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FYAM #1 - "PRECIOSA", Essay revised by N.A.B. Mwata Nubian, February 15, 2021

Updated: Mar 12, 2021

This is my critique of an otherwise beautiful and beloved Puerto Rican song, Preciosa. This critique relates to the song’s denial of Afrikan/Black existence in the history of Puerto Rico. The famous Puerto Rican artist Rafael Hernandez Marin wrote this song, in 1937, and it was regenerated by Marc Antony, a New York City born Puerto Rican singer, in the 1990s.

The true history of Puerto Rico encompasses Afrikans, indigenous/natives and Europeans (mainly from Spain).

No declaration of the Afrikan presence and/or contribution to Puerto Rico is affirmed in the song. Only, the Spaniards and indigenous/Taino people are acknowledged contributing to the preciousness of this beautiful island.

The love for this song, being the unofficial national anthem for most Puerto Ricans, for over 80 years, demonstrates the unwillingness for some to confront and defeat the anti-Afrikan devaluation and powerlessness.

These behaviors and thoughts patterns are a manifestation of the power of whitesupremacy imposed on Afrikans (and indigenous people). Part of its success is due to its perpetuation and reinforcement, implicitly and explicitly by some Afrikans, over generations. My silence or acquiesce was not forced on me; however, to continue my progress to become liberated, I must say to the universe: I will not remain silent, support or participate if someone explicitly or implicitly devalues or omits Afrikaness from any historical, or cultural endeavor whenever Afrikan people’s contributions are factual, practiced and documented.

One irony is that the author, Rafael Hernandez Marin is gifted musician of Afrikan descendant. Being of Afrikan descent and Puerto Rican, why would he exclude a significant part of his heritage from his song? Or was this a decision forced on him in order to have it published? Brother Hernandez lived in NYC during the height of the Harlem Renaissance (1920-35), and played in the all Black 369th Army band, and knew Arturo Schomburg and Langston Hughes.

Two sections of the songs are noteworthy for their inclusivity and praise of the two groups acknowledged in the history of Puerto Rico:

  1. The chivalry and nobleness of his mother Spain (tienes la noble hidalguia de la madre España);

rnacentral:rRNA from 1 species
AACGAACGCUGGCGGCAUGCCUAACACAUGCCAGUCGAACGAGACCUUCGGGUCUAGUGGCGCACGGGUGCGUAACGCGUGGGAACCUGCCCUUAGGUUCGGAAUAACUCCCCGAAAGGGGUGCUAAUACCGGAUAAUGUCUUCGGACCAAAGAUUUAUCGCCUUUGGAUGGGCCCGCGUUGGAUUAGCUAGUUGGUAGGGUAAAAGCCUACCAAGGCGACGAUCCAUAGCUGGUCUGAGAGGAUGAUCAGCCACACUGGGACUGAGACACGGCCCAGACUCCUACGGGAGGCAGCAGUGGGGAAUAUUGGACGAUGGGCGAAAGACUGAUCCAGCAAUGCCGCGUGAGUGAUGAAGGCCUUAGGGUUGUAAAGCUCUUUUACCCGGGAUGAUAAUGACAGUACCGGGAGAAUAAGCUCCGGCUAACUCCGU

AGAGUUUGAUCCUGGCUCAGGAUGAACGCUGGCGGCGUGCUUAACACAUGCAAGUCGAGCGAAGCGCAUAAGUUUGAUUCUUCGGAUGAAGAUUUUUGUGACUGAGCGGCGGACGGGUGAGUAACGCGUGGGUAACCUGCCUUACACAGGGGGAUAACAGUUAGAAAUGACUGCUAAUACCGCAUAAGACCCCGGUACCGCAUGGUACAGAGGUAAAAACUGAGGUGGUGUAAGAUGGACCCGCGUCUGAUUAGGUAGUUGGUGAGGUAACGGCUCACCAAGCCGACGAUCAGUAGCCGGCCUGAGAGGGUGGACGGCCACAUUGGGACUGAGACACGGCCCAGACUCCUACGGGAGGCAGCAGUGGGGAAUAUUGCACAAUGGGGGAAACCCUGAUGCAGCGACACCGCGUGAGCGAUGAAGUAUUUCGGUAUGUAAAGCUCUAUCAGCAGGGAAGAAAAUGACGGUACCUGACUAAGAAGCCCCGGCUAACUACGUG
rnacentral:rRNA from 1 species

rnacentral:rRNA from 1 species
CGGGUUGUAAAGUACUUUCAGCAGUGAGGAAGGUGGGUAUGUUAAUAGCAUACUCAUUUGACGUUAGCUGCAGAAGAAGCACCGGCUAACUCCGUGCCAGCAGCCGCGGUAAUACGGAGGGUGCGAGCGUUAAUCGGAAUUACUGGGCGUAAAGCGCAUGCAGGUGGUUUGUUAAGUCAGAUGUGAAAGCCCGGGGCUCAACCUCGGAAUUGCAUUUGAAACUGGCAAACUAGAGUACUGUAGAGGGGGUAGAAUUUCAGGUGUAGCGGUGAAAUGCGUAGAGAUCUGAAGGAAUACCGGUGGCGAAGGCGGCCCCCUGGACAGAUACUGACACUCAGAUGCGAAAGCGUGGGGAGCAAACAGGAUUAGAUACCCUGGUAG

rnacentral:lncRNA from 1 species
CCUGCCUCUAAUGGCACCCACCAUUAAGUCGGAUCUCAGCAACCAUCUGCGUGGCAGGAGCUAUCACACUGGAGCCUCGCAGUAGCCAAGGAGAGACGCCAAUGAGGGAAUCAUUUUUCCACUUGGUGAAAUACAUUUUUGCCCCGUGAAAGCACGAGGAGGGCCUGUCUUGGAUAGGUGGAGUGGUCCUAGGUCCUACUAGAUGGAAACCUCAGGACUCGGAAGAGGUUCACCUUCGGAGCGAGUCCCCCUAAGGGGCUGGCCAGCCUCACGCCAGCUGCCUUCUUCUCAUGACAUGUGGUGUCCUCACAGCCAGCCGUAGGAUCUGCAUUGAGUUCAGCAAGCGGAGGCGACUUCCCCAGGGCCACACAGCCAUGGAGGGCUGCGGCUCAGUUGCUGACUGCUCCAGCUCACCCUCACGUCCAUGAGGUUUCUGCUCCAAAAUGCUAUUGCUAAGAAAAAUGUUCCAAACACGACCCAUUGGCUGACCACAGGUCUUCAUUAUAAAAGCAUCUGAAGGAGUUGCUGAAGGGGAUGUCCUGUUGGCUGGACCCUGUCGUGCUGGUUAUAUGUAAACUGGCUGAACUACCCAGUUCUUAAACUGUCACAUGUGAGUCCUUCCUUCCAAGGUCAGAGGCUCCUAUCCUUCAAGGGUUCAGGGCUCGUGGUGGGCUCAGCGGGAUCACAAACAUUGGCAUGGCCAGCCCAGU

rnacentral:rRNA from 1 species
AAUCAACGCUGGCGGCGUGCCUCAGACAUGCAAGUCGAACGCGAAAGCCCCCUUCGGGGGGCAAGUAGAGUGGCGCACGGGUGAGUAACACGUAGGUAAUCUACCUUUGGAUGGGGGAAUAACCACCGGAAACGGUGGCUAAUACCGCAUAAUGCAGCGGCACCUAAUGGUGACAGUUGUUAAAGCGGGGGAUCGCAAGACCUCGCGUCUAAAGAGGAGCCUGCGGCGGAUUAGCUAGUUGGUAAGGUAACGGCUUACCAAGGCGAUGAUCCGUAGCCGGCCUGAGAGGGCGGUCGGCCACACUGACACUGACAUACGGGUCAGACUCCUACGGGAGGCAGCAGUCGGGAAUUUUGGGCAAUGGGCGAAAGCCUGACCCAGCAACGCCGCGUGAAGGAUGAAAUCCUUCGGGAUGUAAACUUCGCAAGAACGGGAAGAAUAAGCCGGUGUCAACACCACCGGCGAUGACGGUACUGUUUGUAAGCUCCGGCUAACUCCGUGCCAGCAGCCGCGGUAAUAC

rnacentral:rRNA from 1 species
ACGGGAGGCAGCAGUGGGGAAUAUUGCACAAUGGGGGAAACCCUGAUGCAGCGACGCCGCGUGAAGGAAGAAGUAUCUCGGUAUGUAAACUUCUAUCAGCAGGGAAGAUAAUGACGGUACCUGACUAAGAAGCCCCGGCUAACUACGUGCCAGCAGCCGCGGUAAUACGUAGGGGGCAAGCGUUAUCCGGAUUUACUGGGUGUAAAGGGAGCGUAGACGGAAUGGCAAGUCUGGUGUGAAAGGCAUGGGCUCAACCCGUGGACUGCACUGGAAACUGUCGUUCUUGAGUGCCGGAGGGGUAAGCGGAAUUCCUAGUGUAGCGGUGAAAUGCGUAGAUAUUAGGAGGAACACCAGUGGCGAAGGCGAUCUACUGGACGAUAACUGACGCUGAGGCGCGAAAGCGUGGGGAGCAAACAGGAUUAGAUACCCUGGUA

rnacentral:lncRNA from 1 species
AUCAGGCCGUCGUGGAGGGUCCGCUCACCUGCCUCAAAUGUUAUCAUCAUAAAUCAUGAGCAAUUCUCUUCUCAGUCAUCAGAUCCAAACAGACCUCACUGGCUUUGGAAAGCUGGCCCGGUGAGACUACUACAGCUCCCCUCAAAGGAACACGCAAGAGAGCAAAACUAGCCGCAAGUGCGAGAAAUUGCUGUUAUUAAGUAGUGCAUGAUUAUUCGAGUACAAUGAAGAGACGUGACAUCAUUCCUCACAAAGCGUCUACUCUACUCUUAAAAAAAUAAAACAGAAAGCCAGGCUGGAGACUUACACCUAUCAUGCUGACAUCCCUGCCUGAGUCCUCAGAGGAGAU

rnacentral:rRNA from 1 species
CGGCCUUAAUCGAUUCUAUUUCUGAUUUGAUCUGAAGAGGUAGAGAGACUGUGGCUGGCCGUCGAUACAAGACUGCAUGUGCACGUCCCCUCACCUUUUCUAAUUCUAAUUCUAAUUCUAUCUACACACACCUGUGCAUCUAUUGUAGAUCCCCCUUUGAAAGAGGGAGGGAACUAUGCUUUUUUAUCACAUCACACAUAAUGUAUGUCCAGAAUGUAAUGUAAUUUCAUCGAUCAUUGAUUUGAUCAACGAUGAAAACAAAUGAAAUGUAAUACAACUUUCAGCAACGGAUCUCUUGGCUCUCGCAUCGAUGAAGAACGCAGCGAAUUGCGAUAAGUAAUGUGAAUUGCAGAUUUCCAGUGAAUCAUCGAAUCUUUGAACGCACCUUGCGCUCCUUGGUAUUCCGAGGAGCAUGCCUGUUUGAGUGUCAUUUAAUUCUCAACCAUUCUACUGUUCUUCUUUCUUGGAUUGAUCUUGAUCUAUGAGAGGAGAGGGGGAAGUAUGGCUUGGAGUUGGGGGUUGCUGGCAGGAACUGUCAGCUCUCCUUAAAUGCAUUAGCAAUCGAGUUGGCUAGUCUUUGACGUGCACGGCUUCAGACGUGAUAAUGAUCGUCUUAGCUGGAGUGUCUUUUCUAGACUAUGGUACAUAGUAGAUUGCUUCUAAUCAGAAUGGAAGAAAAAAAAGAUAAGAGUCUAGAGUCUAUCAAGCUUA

2. The emphatic fierceness of the indigenous people of the island (el fiero cantillo del indio bravio).

Brother Hernandez song is not the first cultural or artistic expression to “leave out the Afrikan”. I am choosing not to remain silent on this or any other expressions- that is anti-Afrikan. A section of the Puerto Rican economy benefitted from the enslavement and exploitation of Afrikans (and indigenous people}. Additionally, the Puerto Rican cultural tradition was enriched from the Afrikan creation of two of its folkloric art heritage: bomba and plena.

The third section of the song uses blackness in a negative way/reference: The mention of blackness in the song is the phrase, “con negra maldad”, which I translate as “with evil black intent”. The reference of blackness as axiomatic to evil is foundational to whit-supremacy, no matter who uses it. If we continue to accept this, we are perpetuators of this odious theory and practice.

Historically, brother Hernandez has written some well-known and beautiful songs, but if you believe “Black Lives Matter” you have to address this glaring exclusion as an artistic liquidation that explicitly omits the Black contributions to the Puerto Rican experience. As an Afrikan artist I have been struggling with the issue of when to address this omission. I have made my stand to not be a silent participant in this type of anti-Afrikan expression and behavior.

As an Afrikan artist I am practicing my truth, telling and extending a better vision of our future, and I want my Afrikan Pulse to be expressed truthfully.

I am opening this wound to treat it and remove it from our un-healthy side of self-hate, and adoration of our oppressor’s cultural values and practices at our expense and our powerlessness. I am open and willing to work on honest and creative ways to correct this distortion. Are you?

Some initial questions to commence the dialogue/discussion, for action:

  1. Have you thought about the words in this song?

  2. What are your thoughts about the emotional attachment by Puerto Ricans (and others), to this song, is it an implicit acceptance that the omission of the Afrikan contribution is historically acceptable and artistically tolerable?

  3. How can we creatively address this obvious omission of Afrikan lives?

  4. Now that you have this information, what is your truth, and how will you work to correct this incomplete presentation of leaving out the blackness in the history of Puerto Rico (or the similar encounter you experience)?

  5. How do we move forward in addressing this issue in presenting this song, and any cultural or artistic endeavors that does not value or is only a negative representation of our Afrikaness?

Speak your truth, without personal attacks.

For Justice & Peace

“… the true purpose of musicians… we are the historians and it our purpose to tell the people the truth of our past and to extend a better vision of the future”. Randy Weston.

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